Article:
Between them, Britain’s big five banks have so far made provisions for £7.5bn of bad loans later this year from the coronavirus crisis.
The “good news” is that the UK’s top lenders losses were nowhere near the amount absorbed by their US cousins, said AJ Bell analyst Russ Mould.
A combined US$24bn hit was taken by the four giant Main Street lenders, Bank of America, Citigroup, JP Morgan and Wells Fargo.
Britain’s banks may have been helped by the leeway granted by the Bank of England’s Prudential Regulatory Authority with regards to the accounting for the potential losses, Mould said, “which means the banks do not face an immediate requirement to book hefty losses against loans impacted by the viral outbreak”.
“However, this does beg the question of whether there are further losses coming down the line for the Big Five, despite their rigorous tests and scenario analyses, even if they are mercifully a long way from the run rate needed to match the £57bn in loan and credit impairments booked in 2009.”
Of the London-listed banks, HSBC PLC (LON:HSBA) as the largest unsurprisingly had to take the largest charge, with a US$2.4bn increase in provisions for potential credit losses to a total of US$3bn. The globe-spanning lender had already taken an even bigger hit, when February’s final results revealed a US$7.3bn goodwill impairment taken for the fourth quarter due to lower assumptions about the world’s long-term economic growth.
Barclays PLC (LON:BARC) ramped up its credit impairment charges to £2.1bn, including £1.2bn from the potential fallout from the pandemic and a sustained period of low oil prices and £405mln for wholesale loans.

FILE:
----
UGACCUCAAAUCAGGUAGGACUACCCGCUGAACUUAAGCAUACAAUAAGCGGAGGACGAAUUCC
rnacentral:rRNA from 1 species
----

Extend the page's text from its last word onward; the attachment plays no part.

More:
Lloyds unveiled £1.8bn of charges, with £1.4bn impairments and £421mln of other charges.
Without the large credit card business of the above pair, Asia-focused Standard Chartered PLC (LON:STAN) made an impairment of US$956mln.
With its results coming at the end of the week, taxpayer-owned Royal Bank of Scotland Group PLC (LON:RBS) took the smallest charge — so far at least — with impairment losses of £802mln that included £628mln specifically relating to the more uncertain economic outlook.
Plunging profits – mostly
RBS did not see the smallest effect on profit before tax, with PBT for the quarter down 49% to £519mln year-on-year, down 66% on the preceding quarter.
Lloyds, as mentioned, saw the biggest drop as PBT of £74mln down 95% compared to the fourth quarter and first quarter last year.
HSBC profits of US$3.2bn crashed 48% year-on-year, as income remained solid, but profits were much better than a US$3.9bn loss from the fourth quarter due to the aforementioned goodwill writedown.
Versus the same period last year Barclays PBT tumbled 38% to £913mln, but only 17% compared to the preceding quarter as the benefits of its investment bank came through.
Similarly, StanChart’s relatively small PBT drop of 12% to US$1.2bn came as income increased 13% from higher volumes in financial markets offsetting lower interest income.
The combined crumbling of 52% in profit across the quintet drove drops in return on equity too.
These “meagre” returns on equity, said Mould, help to explain why all of the five FTSE 100 banks trade at a discount to the last stated net assets, or book value per share.
“For the banks to prove that their shares are oversold, this will be the figure that they need to improve above all others, although a resumption of dividend payments once regulators and economic circumstances permit would be a boost for sentiment, too,” he said.
Strong capital ratios provide some reassurance for the banks and their investors.
RBS has the strongest capital ratio, pumped up to 16.6% in the first quarter from 16.2% at the end of last year.
HSBC’s was flat at 14.6%, while at Lloyds CET1 strengthened to 14.2% from 13.8% .
StanChart softened to 13.4% from 13.8% and likewise at Barclays slipped to 13.1% from 13.8%.
The effects of Covid-19 overshadow the absence of litigation costs, said Mould, with RBS booking nothing and between them Barclays, HSBC, Lloyds, Standard Chartered and RBS lost just £84mln to regulatory and conduct issues, the lowest figure since early 2014 and the second-lowest since Lloyds first took a PPI compensation claim charge back in 2011.